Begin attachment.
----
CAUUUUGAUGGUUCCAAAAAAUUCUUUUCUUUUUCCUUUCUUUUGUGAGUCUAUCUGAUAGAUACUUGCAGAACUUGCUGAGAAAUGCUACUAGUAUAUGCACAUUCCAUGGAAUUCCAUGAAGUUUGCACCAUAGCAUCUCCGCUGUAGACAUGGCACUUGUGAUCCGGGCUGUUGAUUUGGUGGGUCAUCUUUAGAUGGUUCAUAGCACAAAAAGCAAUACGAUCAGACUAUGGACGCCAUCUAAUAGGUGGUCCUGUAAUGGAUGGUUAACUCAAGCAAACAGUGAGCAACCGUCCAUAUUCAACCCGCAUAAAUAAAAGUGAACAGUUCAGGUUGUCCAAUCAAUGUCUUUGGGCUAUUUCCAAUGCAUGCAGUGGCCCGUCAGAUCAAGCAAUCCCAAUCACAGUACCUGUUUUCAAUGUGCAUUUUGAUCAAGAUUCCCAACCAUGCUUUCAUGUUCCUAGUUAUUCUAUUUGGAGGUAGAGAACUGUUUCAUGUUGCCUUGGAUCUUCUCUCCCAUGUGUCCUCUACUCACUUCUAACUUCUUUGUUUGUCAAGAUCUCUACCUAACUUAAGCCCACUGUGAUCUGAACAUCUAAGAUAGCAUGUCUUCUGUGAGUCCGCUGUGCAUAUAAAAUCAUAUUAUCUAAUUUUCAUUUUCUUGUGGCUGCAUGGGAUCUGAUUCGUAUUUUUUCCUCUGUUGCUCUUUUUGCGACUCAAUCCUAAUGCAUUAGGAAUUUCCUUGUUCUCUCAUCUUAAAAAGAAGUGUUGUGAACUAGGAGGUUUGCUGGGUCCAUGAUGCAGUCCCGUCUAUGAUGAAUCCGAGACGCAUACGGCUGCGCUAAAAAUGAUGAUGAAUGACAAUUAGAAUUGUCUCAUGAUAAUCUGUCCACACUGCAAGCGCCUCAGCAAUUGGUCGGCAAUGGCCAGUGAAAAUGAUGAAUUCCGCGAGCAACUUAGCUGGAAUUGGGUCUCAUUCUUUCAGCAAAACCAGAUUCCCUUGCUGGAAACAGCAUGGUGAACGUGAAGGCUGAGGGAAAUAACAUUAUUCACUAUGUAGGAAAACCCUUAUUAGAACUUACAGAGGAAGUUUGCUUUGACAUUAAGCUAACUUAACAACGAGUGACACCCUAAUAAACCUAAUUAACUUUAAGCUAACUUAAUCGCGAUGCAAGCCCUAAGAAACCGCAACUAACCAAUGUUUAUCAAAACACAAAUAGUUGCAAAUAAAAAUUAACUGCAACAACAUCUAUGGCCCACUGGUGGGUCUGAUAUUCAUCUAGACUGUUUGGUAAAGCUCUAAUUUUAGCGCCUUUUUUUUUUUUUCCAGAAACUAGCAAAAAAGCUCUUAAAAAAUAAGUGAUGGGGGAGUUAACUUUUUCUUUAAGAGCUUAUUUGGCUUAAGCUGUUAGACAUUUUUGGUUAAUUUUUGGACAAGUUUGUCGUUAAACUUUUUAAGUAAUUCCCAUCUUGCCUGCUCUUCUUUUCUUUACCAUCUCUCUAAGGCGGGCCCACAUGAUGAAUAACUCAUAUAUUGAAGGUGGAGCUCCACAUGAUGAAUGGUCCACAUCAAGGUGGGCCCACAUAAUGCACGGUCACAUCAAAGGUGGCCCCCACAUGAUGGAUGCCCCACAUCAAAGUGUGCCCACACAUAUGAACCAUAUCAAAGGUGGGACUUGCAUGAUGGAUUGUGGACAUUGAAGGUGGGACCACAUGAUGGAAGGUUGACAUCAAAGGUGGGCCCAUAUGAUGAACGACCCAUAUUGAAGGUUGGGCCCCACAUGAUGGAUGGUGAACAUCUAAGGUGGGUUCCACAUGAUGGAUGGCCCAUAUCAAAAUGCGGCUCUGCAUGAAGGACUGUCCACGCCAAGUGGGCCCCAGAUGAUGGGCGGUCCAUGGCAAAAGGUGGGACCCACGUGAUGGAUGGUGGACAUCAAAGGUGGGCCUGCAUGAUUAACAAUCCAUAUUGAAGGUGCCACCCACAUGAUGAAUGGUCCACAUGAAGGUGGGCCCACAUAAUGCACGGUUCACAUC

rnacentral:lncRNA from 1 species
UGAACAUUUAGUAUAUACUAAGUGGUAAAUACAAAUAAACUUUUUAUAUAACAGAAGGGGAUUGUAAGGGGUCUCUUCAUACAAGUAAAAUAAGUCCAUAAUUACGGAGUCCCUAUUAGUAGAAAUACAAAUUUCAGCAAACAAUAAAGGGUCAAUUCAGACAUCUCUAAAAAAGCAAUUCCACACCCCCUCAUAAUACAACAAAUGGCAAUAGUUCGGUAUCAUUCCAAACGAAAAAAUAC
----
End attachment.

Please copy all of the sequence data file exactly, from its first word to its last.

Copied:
CAUUUUGAUGGUUCCAAAAAAUUCUUUUCUUUUUCCUUUCUUUUGUGAGUCUAUCUGAUAGAUACUUGCAGAACUUGCUGAGAAAUGCUACUAGUAUAUGCACAUUCCAUGGAAUUCCAUGAAGUUUGCACCAUAGCAUCUCCGCUGUAGACAUGGCACUUGUGAUCCGGGCUGUUGAUUUGGUGGGUCAUCUUUAGAUGGUUCAUAGCACAAAAAGCAAUACGAUCAGACUAUGGACGCCAUCUAAUAGGUGGUCCUGUAAUGGAUGGUUAACUCAAGCAAACAGUGAGCAACCGUCCAUAUUCAACCCGCAUAAAUAAAAGUGAACAGUUCAGGUUGUCCAAUCAAUGUCUUUGGGCUAUUUCCAAUGCAUGCAGUGGCCCGUCAGAUCAAGCAAUCCCAAUCACAGUACCUGUUUUCAAUGUGCAUUUUGAUCAAGAUUCCCAACCAUGCUUUCAUGUUCCUAGUUAUUCUAUUUGGAGGUAGAGAACUGUUUCAUGUUGCCUUGGAUCUUCUCUCCCAUGUGUCCUCUACUCACUUCUAACUUCUUUGUUUGUCAAGAUCUCUACCUAACUUAAGCCCACUGUGAUCUGAACAUCUAAGAUAGCAUGUCUUCUGUGAGUCCGCUGUGCAUAUAAAAUCAUAUUAUCUAAUUUUCAUUUUCUUGUGGCUGCAUGGGAUCUGAUUCGUAUUUUUUCCUCUGUUGCUCUUUUUGCGACUCAAUCCUAAUGCAUUAGGAAUUUCCUUGUUCUCUCAUCUUAAAAAGAAGUGUUGUGAACUAGGAGGUUUGCUGGGUCCAUGAUGCAGUCCCGUCUAUGAUGAAUCCGAGACGCAUACGGCUGCGCUAAAAAUGAUGAUGAAUGACAAUUAGAAUUGUCUCAUGAUAAUCUGUCCACACUGCAAGCGCCUCAGCAAUUGGUCGGCAAUGGCCAGUGAAAAUGAUGAAUUCCGCGAGCAACUUAGCUGGAAUUGGGUCUCAUUCUUUCAGCAAAACCAGAUUCCCUUGCUGGAAACAGCAUGGUGAACGUGAAGGCUGAGGGAAAUAACAUUAUUCACUAUGUAGGAAAACCCUUAUUAGAACUUACAGAGGAAGUUUGCUUUGACAUUAAGCUAACUUAACAACGAGUGACACCCUAAUAAACCUAAUUAACUUUAAGCUAACUUAAUCGCGAUGCAAGCCCUAAGAAACCGCAACUAACCAAUGUUUAUCAAAACACAAAUAGUUGCAAAUAAAAAUUAACUGCAACAACAUCUAUGGCCCACUGGUGGGUCUGAUAUUCAUCUAGACUGUUUGGUAAAGCUCUAAUUUUAGCGCCUUUUUUUUUUUUUCCAGAAACUAGCAAAAAAGCUCUUAAAAAAUAAGUGAUGGGGGAGUUAACUUUUUCUUUAAGAGCUUAUUUGGCUUAAGCUGUUAGACAUUUUUGGUUAAUUUUUGGACAAGUUUGUCGUUAAACUUUUUAAGUAAUUCCCAUCUUGCCUGCUCUUCUUUUCUUUACCAUCUCUCUAAGGCGGGCCCACAUGAUGAAUAACUCAUAUAUUGAAGGUGGAGCUCCACAUGAUGAAUGGUCCACAUCAAGGUGGGCCCACAUAAUGCACGGUCACAUCAAAGGUGGCCCCCACAUGAUGGAUGCCCCACAUCAAAGUGUGCCCACACAUAUGAACCAUAUCAAAGGUGGGACUUGCAUGAUGGAUUGUGGACAUUGAAGGUGGGACCACAUGAUGGAAGGUUGACAUCAAAGGUGGGCCCAUAUGAUGAACGACCCAUAUUGAAGGUUGGGCCCCACAUGAUGGAUGGUGAACAUCUAAGGUGGGUUCCACAUGAUGGAUGGCCCAUAUCAAAAUGCGGCUCUGCAUGAAGGACUGUCCACGCCAAGUGGGCCCCAGAUGAUGGGCGGUCCAUGGCAAAAGGUGGGACCCACGUGAUGGAUGGUGGACAUCAAAGGUGGGCCUGCAUGAUUAACAAUCCAUAUUGAAGGUGCCACCCACAUGAUGAAUGGUCCACAUGAAGGUGGGCCCACAUAAUGCACGGUUCACAUC

rnacentral:lncRNA from 1 species
UGAACAUUUAGUAUAUACUAAGUGGUAAAUACAAAUAAACUUUUUAUAUAACAGAAGGGGAUUGUAAGGGGUCUCUUCAUACAAGUAAAAUAAGUCCAUAAUUACGGAGUCCCUAUUAGUAGAAAUACAAAUUUCAGCAAACAAUAAAGGGUCAAUUCAGACAUCUCUAAAAAAGCAAUUCCACACCCCCUCAUAAUACAACAAAUGGCAAUAGUUCGGUAUCAUUCCAAACGAAAAAAUAC